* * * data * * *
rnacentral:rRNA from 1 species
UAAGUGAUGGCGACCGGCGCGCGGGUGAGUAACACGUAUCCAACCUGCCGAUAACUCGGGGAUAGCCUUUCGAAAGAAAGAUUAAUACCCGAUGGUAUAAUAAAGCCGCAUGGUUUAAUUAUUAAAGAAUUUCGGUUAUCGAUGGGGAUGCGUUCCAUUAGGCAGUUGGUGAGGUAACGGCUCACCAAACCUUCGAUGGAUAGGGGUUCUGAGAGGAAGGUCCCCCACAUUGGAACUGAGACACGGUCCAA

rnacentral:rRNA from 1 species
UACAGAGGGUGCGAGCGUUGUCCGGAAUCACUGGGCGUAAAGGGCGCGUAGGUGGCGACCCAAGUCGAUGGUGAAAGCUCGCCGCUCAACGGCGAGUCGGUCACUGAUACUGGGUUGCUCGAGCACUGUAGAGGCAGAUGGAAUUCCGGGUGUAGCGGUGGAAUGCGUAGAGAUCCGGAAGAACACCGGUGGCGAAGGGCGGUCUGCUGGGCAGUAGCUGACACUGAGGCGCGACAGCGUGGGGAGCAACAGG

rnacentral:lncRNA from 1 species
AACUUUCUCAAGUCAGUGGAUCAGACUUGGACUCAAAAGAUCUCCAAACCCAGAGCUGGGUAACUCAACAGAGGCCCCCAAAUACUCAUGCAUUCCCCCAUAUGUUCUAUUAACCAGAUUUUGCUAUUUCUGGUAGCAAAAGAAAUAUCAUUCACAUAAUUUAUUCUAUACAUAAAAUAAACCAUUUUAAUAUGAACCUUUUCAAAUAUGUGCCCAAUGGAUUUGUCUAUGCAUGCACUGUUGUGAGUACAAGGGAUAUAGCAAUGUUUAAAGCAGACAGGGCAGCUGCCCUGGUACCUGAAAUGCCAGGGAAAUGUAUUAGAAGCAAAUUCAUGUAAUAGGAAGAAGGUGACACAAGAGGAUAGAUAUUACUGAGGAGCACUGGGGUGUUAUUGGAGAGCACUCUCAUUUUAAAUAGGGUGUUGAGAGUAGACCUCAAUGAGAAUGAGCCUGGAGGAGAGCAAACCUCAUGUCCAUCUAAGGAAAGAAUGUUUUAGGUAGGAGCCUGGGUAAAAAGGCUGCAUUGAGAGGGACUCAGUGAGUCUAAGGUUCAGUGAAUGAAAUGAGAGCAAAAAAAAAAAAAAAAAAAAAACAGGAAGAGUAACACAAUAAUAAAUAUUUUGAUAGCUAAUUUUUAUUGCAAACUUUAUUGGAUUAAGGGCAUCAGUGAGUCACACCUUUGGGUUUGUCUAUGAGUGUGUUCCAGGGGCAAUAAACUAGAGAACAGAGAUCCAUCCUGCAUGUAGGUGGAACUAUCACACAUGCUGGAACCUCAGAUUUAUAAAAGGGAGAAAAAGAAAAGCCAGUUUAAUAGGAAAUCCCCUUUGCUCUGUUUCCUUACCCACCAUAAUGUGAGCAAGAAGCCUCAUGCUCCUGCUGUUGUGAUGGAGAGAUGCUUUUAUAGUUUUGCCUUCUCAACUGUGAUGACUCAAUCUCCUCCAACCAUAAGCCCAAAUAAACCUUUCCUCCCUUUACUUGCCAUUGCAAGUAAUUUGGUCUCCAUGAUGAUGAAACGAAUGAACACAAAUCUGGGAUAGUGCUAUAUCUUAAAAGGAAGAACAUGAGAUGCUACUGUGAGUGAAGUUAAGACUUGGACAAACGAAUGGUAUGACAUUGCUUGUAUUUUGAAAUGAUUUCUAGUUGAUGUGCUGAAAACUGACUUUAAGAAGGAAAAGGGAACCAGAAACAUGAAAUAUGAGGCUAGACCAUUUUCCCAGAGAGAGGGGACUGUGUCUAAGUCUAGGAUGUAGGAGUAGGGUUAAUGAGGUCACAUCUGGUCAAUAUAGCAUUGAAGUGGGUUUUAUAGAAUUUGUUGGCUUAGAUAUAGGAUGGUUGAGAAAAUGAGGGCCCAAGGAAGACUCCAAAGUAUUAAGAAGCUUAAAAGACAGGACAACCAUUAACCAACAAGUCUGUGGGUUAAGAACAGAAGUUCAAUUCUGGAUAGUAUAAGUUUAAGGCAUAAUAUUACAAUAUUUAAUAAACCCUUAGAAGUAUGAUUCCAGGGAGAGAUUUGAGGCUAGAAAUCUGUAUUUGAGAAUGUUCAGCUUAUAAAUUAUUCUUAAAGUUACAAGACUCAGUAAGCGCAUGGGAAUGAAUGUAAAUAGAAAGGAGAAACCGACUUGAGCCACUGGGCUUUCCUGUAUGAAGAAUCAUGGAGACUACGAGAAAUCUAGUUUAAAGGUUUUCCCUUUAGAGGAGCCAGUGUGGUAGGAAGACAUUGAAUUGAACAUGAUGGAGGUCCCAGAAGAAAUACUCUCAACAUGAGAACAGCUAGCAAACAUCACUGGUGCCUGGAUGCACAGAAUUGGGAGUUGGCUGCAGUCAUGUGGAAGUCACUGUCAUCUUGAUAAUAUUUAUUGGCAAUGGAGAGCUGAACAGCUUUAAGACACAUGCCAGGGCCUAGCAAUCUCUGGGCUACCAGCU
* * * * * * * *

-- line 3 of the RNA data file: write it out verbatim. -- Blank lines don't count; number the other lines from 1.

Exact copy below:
rnacentral:rRNA from 1 species